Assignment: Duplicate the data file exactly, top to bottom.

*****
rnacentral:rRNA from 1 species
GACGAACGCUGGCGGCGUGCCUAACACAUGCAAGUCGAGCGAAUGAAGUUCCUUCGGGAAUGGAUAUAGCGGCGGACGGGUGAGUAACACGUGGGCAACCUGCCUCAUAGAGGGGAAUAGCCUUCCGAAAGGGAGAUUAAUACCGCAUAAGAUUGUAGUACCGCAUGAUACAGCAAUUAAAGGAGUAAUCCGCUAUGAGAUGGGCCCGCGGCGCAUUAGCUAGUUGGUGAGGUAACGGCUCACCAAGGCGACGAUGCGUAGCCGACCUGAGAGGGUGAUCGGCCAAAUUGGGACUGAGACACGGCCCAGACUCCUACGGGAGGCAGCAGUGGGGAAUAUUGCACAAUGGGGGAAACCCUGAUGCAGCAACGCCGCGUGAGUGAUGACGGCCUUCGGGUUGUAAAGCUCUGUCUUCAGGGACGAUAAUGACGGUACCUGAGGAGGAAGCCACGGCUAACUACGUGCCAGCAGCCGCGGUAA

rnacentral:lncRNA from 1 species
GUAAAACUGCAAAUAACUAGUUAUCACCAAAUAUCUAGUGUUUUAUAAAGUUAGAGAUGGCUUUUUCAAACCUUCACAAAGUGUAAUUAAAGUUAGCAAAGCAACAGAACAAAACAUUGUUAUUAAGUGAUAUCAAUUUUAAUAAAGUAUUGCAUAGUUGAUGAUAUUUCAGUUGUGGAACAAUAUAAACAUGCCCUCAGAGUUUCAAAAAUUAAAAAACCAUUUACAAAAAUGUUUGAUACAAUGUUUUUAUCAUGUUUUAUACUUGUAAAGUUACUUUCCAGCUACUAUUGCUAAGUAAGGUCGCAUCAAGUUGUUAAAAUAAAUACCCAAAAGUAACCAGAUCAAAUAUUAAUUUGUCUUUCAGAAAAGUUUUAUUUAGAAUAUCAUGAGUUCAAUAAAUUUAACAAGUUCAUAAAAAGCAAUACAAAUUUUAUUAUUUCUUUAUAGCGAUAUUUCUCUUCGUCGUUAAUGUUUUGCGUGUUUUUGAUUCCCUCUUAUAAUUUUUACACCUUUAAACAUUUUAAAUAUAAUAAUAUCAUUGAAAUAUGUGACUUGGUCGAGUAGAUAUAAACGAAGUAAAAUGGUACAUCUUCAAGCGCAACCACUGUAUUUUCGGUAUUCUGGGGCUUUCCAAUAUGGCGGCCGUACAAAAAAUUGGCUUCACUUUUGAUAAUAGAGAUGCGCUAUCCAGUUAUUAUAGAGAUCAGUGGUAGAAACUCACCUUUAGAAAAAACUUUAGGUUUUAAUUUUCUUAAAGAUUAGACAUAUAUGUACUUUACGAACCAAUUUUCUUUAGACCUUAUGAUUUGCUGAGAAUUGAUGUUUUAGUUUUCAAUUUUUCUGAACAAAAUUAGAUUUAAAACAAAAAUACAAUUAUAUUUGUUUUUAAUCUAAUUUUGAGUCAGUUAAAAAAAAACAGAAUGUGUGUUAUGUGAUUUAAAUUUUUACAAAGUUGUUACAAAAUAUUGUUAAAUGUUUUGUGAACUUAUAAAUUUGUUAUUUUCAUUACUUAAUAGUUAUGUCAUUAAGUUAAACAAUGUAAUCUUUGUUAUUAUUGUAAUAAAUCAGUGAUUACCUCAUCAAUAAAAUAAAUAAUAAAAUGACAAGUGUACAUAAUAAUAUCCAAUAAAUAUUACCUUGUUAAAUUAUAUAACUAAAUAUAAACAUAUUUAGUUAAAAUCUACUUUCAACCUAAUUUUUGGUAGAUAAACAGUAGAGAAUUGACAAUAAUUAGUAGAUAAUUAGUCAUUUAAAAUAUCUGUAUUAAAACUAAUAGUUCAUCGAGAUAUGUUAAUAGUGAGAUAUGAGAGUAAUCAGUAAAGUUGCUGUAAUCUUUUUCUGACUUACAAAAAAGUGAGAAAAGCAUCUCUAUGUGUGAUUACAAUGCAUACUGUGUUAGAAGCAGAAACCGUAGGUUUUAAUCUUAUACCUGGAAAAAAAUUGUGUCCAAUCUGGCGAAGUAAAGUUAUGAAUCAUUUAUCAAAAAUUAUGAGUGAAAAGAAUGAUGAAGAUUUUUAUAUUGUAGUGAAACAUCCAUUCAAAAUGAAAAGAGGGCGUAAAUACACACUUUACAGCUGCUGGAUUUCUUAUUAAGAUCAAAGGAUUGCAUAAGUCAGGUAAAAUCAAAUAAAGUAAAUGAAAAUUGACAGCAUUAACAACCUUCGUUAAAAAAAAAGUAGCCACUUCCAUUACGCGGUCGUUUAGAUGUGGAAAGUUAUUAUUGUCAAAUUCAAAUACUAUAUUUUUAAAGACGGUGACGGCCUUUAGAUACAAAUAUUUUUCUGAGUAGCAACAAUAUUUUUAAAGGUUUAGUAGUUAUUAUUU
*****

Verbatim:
rnacentral:rRNA from 1 species
GACGAACGCUGGCGGCGUGCCUAACACAUGCAAGUCGAGCGAAUGAAGUUCCUUCGGGAAUGGAUAUAGCGGCGGACGGGUGAGUAACACGUGGGCAACCUGCCUCAUAGAGGGGAAUAGCCUUCCGAAAGGGAGAUUAAUACCGCAUAAGAUUGUAGUACCGCAUGAUACAGCAAUUAAAGGAGUAAUCCGCUAUGAGAUGGGCCCGCGGCGCAUUAGCUAGUUGGUGAGGUAACGGCUCACCAAGGCGACGAUGCGUAGCCGACCUGAGAGGGUGAUCGGCCAAAUUGGGACUGAGACACGGCCCAGACUCCUACGGGAGGCAGCAGUGGGGAAUAUUGCACAAUGGGGGAAACCCUGAUGCAGCAACGCCGCGUGAGUGAUGACGGCCUUCGGGUUGUAAAGCUCUGUCUUCAGGGACGAUAAUGACGGUACCUGAGGAGGAAGCCACGGCUAACUACGUGCCAGCAGCCGCGGUAA

rnacentral:lncRNA from 1 species
GUAAAACUGCAAAUAACUAGUUAUCACCAAAUAUCUAGUGUUUUAUAAAGUUAGAGAUGGCUUUUUCAAACCUUCACAAAGUGUAAUUAAAGUUAGCAAAGCAACAGAACAAAACAUUGUUAUUAAGUGAUAUCAAUUUUAAUAAAGUAUUGCAUAGUUGAUGAUAUUUCAGUUGUGGAACAAUAUAAACAUGCCCUCAGAGUUUCAAAAAUUAAAAAACCAUUUACAAAAAUGUUUGAUACAAUGUUUUUAUCAUGUUUUAUACUUGUAAAGUUACUUUCCAGCUACUAUUGCUAAGUAAGGUCGCAUCAAGUUGUUAAAAUAAAUACCCAAAAGUAACCAGAUCAAAUAUUAAUUUGUCUUUCAGAAAAGUUUUAUUUAGAAUAUCAUGAGUUCAAUAAAUUUAACAAGUUCAUAAAAAGCAAUACAAAUUUUAUUAUUUCUUUAUAGCGAUAUUUCUCUUCGUCGUUAAUGUUUUGCGUGUUUUUGAUUCCCUCUUAUAAUUUUUACACCUUUAAACAUUUUAAAUAUAAUAAUAUCAUUGAAAUAUGUGACUUGGUCGAGUAGAUAUAAACGAAGUAAAAUGGUACAUCUUCAAGCGCAACCACUGUAUUUUCGGUAUUCUGGGGCUUUCCAAUAUGGCGGCCGUACAAAAAAUUGGCUUCACUUUUGAUAAUAGAGAUGCGCUAUCCAGUUAUUAUAGAGAUCAGUGGUAGAAACUCACCUUUAGAAAAAACUUUAGGUUUUAAUUUUCUUAAAGAUUAGACAUAUAUGUACUUUACGAACCAAUUUUCUUUAGACCUUAUGAUUUGCUGAGAAUUGAUGUUUUAGUUUUCAAUUUUUCUGAACAAAAUUAGAUUUAAAACAAAAAUACAAUUAUAUUUGUUUUUAAUCUAAUUUUGAGUCAGUUAAAAAAAAACAGAAUGUGUGUUAUGUGAUUUAAAUUUUUACAAAGUUGUUACAAAAUAUUGUUAAAUGUUUUGUGAACUUAUAAAUUUGUUAUUUUCAUUACUUAAUAGUUAUGUCAUUAAGUUAAACAAUGUAAUCUUUGUUAUUAUUGUAAUAAAUCAGUGAUUACCUCAUCAAUAAAAUAAAUAAUAAAAUGACAAGUGUACAUAAUAAUAUCCAAUAAAUAUUACCUUGUUAAAUUAUAUAACUAAAUAUAAACAUAUUUAGUUAAAAUCUACUUUCAACCUAAUUUUUGGUAGAUAAACAGUAGAGAAUUGACAAUAAUUAGUAGAUAAUUAGUCAUUUAAAAUAUCUGUAUUAAAACUAAUAGUUCAUCGAGAUAUGUUAAUAGUGAGAUAUGAGAGUAAUCAGUAAAGUUGCUGUAAUCUUUUUCUGACUUACAAAAAAGUGAGAAAAGCAUCUCUAUGUGUGAUUACAAUGCAUACUGUGUUAGAAGCAGAAACCGUAGGUUUUAAUCUUAUACCUGGAAAAAAAUUGUGUCCAAUCUGGCGAAGUAAAGUUAUGAAUCAUUUAUCAAAAAUUAUGAGUGAAAAGAAUGAUGAAGAUUUUUAUAUUGUAGUGAAACAUCCAUUCAAAAUGAAAAGAGGGCGUAAAUACACACUUUACAGCUGCUGGAUUUCUUAUUAAGAUCAAAGGAUUGCAUAAGUCAGGUAAAAUCAAAUAAAGUAAAUGAAAAUUGACAGCAUUAACAACCUUCGUUAAAAAAAAAGUAGCCACUUCCAUUACGCGGUCGUUUAGAUGUGGAAAGUUAUUAUUGUCAAAUUCAAAUACUAUAUUUUUAAAGACGGUGACGGCCUUUAGAUACAAAUAUUUUUCUGAGUAGCAACAAUAUUUUUAAAGGUUUAGUAGUUAUUAUUU